Ex-IBM employee wins reprieve over contempt fine

Beata Schmid at centre of dispute with firm over claims she took confidential information

A former employee with computer giant IBM, who faced being jailed today for not paying a €1,000 fine imposed for contempt of undertakings to hand over confidential information of the company, has secured a reprieve at the High Court.

Beata Schmid, who previously alleged she discovered severe discrepancies in IBM's sales records and has been dismissed pending appeal, was prepared to go to jail because she "quite simply" cannot pay the €1,000 fine imposed on her by the court last month, her counsel Rory Traynor told Mr Justice George Birmingham.

New solicitors were coming on record for Ms Schmid - Carnakelly, Kilmainhamwood, Co Meath - and wanted an adjournment to address IBM's claims she was refusing to hand over a USB memory stick containing confidential information of the company, counsel said.

Mark Connaughton SC, for IBM, said the case had attracted some publicity, a group called Transparency Ireland had involved themselves and IBM had received correspondence suggesting she was a "whistleblower". IBM's primary concern was to close down the matter with a guarantee information about its customers and other employees would not be disseminated, he said.


What Ms Schmid wants to say about her own situation was up to her, he added. While IBM had received no material from her since June 25th, when the matter was last before the court, it was reassured there appeared to have been no dissemination of such information since.

Provided orders and undertakings restraining dissemination of confidenfial information and requiring its return remain in place, IBM considered it was for the court to decide how to deal with the matter now, he said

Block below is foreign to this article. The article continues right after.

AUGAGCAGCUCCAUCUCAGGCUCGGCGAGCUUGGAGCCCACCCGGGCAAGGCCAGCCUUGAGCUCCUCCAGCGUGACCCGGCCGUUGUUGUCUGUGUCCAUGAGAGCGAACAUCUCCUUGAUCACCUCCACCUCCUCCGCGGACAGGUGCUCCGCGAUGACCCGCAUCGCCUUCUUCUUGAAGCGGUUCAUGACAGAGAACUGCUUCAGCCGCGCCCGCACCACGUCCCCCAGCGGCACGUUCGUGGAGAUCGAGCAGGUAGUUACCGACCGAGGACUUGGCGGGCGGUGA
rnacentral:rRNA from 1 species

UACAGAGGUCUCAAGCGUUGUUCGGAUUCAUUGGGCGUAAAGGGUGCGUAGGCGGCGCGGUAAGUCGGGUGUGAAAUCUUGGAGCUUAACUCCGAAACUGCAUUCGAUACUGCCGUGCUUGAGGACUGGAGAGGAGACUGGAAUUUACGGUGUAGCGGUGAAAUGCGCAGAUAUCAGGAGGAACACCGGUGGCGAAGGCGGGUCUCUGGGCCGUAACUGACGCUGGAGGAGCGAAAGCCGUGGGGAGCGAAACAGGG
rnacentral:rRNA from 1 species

The judge said, taking all issues into account, he would adjourn the case to October without activating that part of his June 25th order providing for the jailing of Ms Schmid for seven days if the €1,000 fine was not paid within a month, as it had not been.

On June 25th, the judge noted an IBM expert had found she had copied the material and an independent expert had agreed. He ruled she had breached court orders and her own undertakings as “a result of foolishness or stupidity as much as it is of knavery”.

Today, he said he had no interest in jailing Ms Schmid or anyone else for non-payment of a fine unless it was a case of “won’t pay rather than can’t pay”. If she could provide evidence of inability to pay, he would be happy to look at that but if she paid any part of the sum before October, that would indicate her bona fides.

He hoped Ms Schmid would use the time until October to reflect on the matter and he hoped to ultimately deal with it in a way that would not involve her losing her liberty. That was ultimately her choice, as was the return of the outstanding memory stick, he added. All existing orders and undertakings also remain in place until October, he directed.

Ms Schmid, in dispute with her employers IBM Ireland Product Distribution Ltd over her salary, has insisted she does not have the information which the company alleged was copied by her from a USB memory stick. She says she has handed over everything the company wants but it disputes that.

She was suspended on April 15th for breaching company security policy but has since been dismissed, Mr Connaughton said today.

Mary Carolan

Mary Carolan

Mary Carolan is the Legal Affairs Correspondent of the Irish Times